An anti-inflammatory powerhouse, turmeric is used in everything from skin care to weight-loss and even arthritis support. The bright yellow colour indicates that turmeric is rich in antioxidants, helping cells to fight damage. It is best used in cooking and in combination with other digestive spices such as ginger, black pepper, cumin or fennel. If you have fresh turmeric root, then add 1-2cm (½-1in) to a freshly made vegetable or fruit juice. Be aware that with turmeric, as well as some other kitchen herbs and spices, large amounts might disagree with some digestive systems. Large amounts are not required unless advised by your herbalist. Be careful when juicing or cooking with turmeric as it leaves hard-to-remove stains.
Not only a gentle aid to support digestion, cinnamon can help stabilise blood sugar levels and balance mood and energy swings. It is naturally sweet and can be a useful alternative to sugar when we crave sweets. Sprinkle cinnamon powder on oats, and use whole cinnamon sticks in soups and stews. Alternatively, have it as a tea, particularly when feeling stressed or low in energy.
Dandelion root supports our detoxification pathways. It is a bitter herb, and can help promote bile secretions, speed up digestion and reduce bloating. Simmer a handful of dandelion roots in 2 pints of water for 20 minutes and let cool down. The liquid can be stored in the fridge for 3 days and can be sipped before meals to support digestion. Your herbalist can also prepare a tincture made of herbal bitters including dandelion, which can be taken before meals.
Excellent for detoxification, nettle is able to increase urine production, helping speedily remove toxins. Nettle contains histamine that blocks the body’s own histamine production, slowly de-sensitising the effects of allergen – drinking nettle tea can be a helpful preparation for hay fever season. Nettle is rich in nutrients, has anti-inflammatory properties and can support the nervous system. Add fresh nettle leaves from your garden (beware its sting!) to soups and stews.
Rosemary is a powerful antioxidant, protecting our cells. It is also good for blood circulation and aids our liver in its important function of detoxification. Fresh rosemary is best; add it to your cooking, or infuse your apple cider vinegar with a few sprigs of rosemary and use for your salad dressing. Add some garlic to the vinegar for extra cardiovascular benefits! Rosemary should be avoided in high blood pressure and can be very ‘heating’ for some people. Sage would be a good alternative in such cases. Rosemary essential oil can be diluted in almond or olive oil and used as a rub for cold joints and tense neck and shoulder muscles.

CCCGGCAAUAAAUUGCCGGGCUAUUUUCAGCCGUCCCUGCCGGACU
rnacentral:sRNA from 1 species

Anti-inflammatory and ‘nervine’, to calm and help us relax. It’s soothing on the digestive system, and a helpful sleep remedy as a bedtime drink. It can be of benefit if you have stress-related digestive disorders and it’s a good first-aid remedy for stomach upsets.
Moderates the immune system, and is a popular home remedy for preventing colds and flu. Have Echinacea drops and lozenges on hand during the winter months or ask a herbalist for a personalised immune-boosting tincture containing Echinacea. It’s such a powerful immune booster that it should not be taken with medication that acts on the immune system.
A powerful anti-viral and antibacterial herb that can help reduce fevers and relieve colds and inflammation, it can warm you from the core, as well as help reduce nausea. It’s best used freshly chopped with your food, or as a tea with half a lemon and with a little natural sweetener or a pinch of cinnamon.
Highly calming and nervous system supporting, use lavender as an essential oil on your pillow to improve sleep quality, or add a few drops to a relaxing bath. Lavender flower extract can be used in recipes, adding a flavoursome twist to treats!
Often found as an ingredient in herbal tea blends, liquorice supports our nervous system and adrenals in dealing with stress, helping us feel calm and strong. Particularly where there is disturbed sleep or restlessness, a cup of liquorice tea before bed might do the trick. It does not have to be taken in high amounts for its medicinal benefits. If you are on medication or if you dislike the taste of liquorice, try cinnamon instead, or ask your herbalist for a herbal blend that suits you.
Remember that herbs are very powerful. Some of them are not appropriate for everyone. Daily use of liquorice root, for example, is not suitable for people with high blood pressure because of its active component (glycyrrhizin). For therapeutic purposes, working with an accredited herbalist is the best way to ensure the right dose and form, and in a combination that addresses your specific individual needs most effectively.click on blue writing to purchase